I can blame any number of things for what happened as we got into Newton. My nutrition was all out of wack, my stomach was doing somersaults, my hydration wasn’t where I wanted it to be, the cold, the wet, the rain, the wind — there are plenty of reasons why I didn’t run the race I had dreamed of running. The reality is, I ran as hard as I could, I did the best that I could, on this day, I just didn’t have it in me to keep my goal pace (and I’m coming to terms with that being okay).
I made a bathroom stop during the climb in Newton, somewhere before the Johnny Kelly Statute (parts of the race remain a blur). I felt like I had caught a second wind after the break and I kept moving up Heartbreak Hill. Getting to the top of that hill, and hearing the screaming BC students gave me some life. I ran into someone I knew, a friendly face that I really needed at that point, and stopped for a few seconds to chat him up. Sam, if you’re reading this, just know that the idea that I was “82.1 percent finished” ran through my head for the rest of the race.
By the time I got through BC my shoes were essentially water logged bricks. Huge props to Hoka One One Clifton IV’s which stayed dry WAY longer than I ever expected, but once they got water logged my legs had a tough time convincing my feet to keep moving. This is when the proverbial refrigerator got thrown on my back. My goal when I hit the wall was to just keep putting one foot in front of the other (regardless of how slowly), and I did that.
Even as we pulled into Copley Square I hadn’t really started to feel cold. I was wet, and I wasn’t really having fun but I wasn’t that cold. My body was pretty beat up at this point, but I was still moving. The rain started to slow, and running into the city was an amazing experience. As we ran under the highway overpass, and made the approach to Hereford, I did what everyone else did and tore off my poncho and ditched my very soggy rain gear (hell the rain had stopped).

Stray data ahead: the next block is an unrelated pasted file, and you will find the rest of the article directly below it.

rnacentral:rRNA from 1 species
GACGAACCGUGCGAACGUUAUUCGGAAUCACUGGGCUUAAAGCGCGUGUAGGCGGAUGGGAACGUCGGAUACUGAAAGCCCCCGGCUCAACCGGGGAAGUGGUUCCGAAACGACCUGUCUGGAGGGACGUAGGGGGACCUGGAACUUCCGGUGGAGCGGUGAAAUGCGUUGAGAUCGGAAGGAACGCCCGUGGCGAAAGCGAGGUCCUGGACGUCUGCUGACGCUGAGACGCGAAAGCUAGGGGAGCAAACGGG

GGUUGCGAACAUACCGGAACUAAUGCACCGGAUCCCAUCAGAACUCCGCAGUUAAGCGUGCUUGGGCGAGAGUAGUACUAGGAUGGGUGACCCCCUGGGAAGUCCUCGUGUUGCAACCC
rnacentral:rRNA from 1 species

It was as if this act of defiance was the slap in the face Mother Nature was waiting for. The sky opened, and it rained as hard at that moment as it had rained throughout the entire race. My ability to stay somewhat dry (hat tip poncho) was now gone, I was soaked to the bone as I approached Boylston, but it didn’t matter — I was about to finish the Boston freakin’ Marathon. I stayed left on Boylston because I knew the Joe Andruzzi Foundation people would be at Uno’s, so I moved down Boylston looking for Uno’s.
I didn’t realize it heading into the race, but Boylston Street from the turn to the finish is approximately three hundred miles. This part of the race took FOREVER.
I finally saw Uno’s, and I saw the amazing Team JAF cheering by the road, I yelled as loud as I could muster (I hope ya’ll could hear me) “LETS GOOOOOOOOO” and then used every last ounce of me to cross the finish line. As I got there, I let the rain wash over me, and I let the moment just sink in. In the worst possible conditions, I had finished the Boston Marathon.
I have so many more thoughts that I want to express, but I’m going to save those for a different post (this is already getting a bit long).